Derelict RAF station on the moors turned into luxury holiday home near Whitby after surviving the war and Soviet bomb threat
The Mulgrave Estate has spent 18 months renovating what was a derelict building and has created The Old Guard House, in Goldsborough, near Whitby, after working with interior designer Sibylla Phipps.
The original building needed to be restored to how it looked during the Second World War while a new extension involving the restoration of the balcony allows guests to enjoy a view of the farmland and also the bays and beaches of the coastline.
Unfortunately, the underground bunker, in which the control panels of the Guard House were kept, was beyond repair. It had been flooded for many decades and it was deemed too dangerous to recover and is now sealed off for safety reasons.
As a former RAF radar site, it was always a landmark and a point of interest in the area which is surrounded by miles of open countryside to one side and the sea to the other.
Ms Phipps said: “This was a very large project for us: We needed to restore the original building to exactly what it would have looked like during the Second World War.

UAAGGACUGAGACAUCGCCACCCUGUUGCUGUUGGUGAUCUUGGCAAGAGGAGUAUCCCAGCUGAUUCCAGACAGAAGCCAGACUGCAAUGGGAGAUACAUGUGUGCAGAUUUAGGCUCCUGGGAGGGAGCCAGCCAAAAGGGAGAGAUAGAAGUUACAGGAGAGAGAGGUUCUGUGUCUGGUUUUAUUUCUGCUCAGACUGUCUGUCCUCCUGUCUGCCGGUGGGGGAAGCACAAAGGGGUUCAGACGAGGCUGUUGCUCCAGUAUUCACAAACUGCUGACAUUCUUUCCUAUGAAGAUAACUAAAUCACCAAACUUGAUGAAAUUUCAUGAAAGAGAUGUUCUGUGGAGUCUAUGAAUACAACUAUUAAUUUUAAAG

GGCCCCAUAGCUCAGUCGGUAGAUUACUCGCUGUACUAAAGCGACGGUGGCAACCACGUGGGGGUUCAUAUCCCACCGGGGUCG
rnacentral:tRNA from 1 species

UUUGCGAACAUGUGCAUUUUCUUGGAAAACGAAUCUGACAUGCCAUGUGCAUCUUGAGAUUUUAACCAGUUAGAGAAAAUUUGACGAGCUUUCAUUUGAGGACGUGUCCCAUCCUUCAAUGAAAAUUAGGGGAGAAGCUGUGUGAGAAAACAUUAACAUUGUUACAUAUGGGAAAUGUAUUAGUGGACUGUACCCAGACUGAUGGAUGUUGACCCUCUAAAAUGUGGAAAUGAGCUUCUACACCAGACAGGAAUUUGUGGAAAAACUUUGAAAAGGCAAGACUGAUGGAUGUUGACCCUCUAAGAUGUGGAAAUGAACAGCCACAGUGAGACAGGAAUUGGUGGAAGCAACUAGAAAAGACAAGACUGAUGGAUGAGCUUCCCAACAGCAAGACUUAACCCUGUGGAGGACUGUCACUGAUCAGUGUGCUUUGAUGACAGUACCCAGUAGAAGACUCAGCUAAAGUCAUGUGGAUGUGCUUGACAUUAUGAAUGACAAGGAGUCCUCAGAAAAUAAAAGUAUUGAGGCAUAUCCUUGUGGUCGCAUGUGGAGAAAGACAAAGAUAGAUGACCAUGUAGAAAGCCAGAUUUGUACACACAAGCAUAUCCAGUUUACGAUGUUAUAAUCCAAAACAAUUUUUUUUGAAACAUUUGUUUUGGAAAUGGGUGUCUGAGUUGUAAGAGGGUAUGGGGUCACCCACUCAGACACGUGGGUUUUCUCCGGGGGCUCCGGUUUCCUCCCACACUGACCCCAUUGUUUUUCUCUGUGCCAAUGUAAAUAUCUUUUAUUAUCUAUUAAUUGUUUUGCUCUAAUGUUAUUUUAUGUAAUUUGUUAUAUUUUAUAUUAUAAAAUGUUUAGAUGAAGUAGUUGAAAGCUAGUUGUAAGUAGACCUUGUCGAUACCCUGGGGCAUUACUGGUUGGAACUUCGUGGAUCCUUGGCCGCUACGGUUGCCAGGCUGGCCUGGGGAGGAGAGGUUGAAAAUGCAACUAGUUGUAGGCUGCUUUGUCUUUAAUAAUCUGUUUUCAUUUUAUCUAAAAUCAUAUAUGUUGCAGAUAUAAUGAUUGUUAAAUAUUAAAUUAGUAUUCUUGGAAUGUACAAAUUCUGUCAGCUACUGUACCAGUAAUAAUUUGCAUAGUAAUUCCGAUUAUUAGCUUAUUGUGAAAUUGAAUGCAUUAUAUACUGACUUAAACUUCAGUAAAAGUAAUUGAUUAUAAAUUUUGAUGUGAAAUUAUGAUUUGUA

"We were also able to put in a modern addition, which has been designed to work in harmony with the feel of the original building, but takes advantage of the sensational views over the sea.
“It always seemed sad to me that a building with so much historical value should be left in a state of total disrepair and disuse. My grandmother, who worked in the WAAF (Women’s Auxiliary Air Force) in the Second World War, had always been keen to restore it but all previous attempts, and there have been many, proved unsuccessful."
The Old Guard House is now a mix of a traditional 1940s look but with modern comforts and1940s pieces of furniture and other vintage pieces have been sourced from local antique shops in Whitby.
The Old Guard House was originally developed in 1941 as an Army station to detect enemy ships approaching Britain by sea in the Second World war. In 1942, it was transferred to the control of the RAF, becoming RAF Goldsborough. It was part of the Chain Home Low radar warning system that was developed to detect low flying aircraft used by German forces.
Before this, the British were unable to detect low flying planes until they were at close range. RAF Goldsborough was one of the stations set up along the coast to fill this critical gap in coverage.
RAF Goldsborough was upgraded in 1951 to counter possible attack by Soviet bombers and was fitted with an enormous underground bunker, in addition to the original Guard House.
In 2004 it was badly damaged by a fire and stood as a skeletal wreck until we began work on it last year.
The Old Guardhouse sleeps ten in five bedrooms with four bathrooms.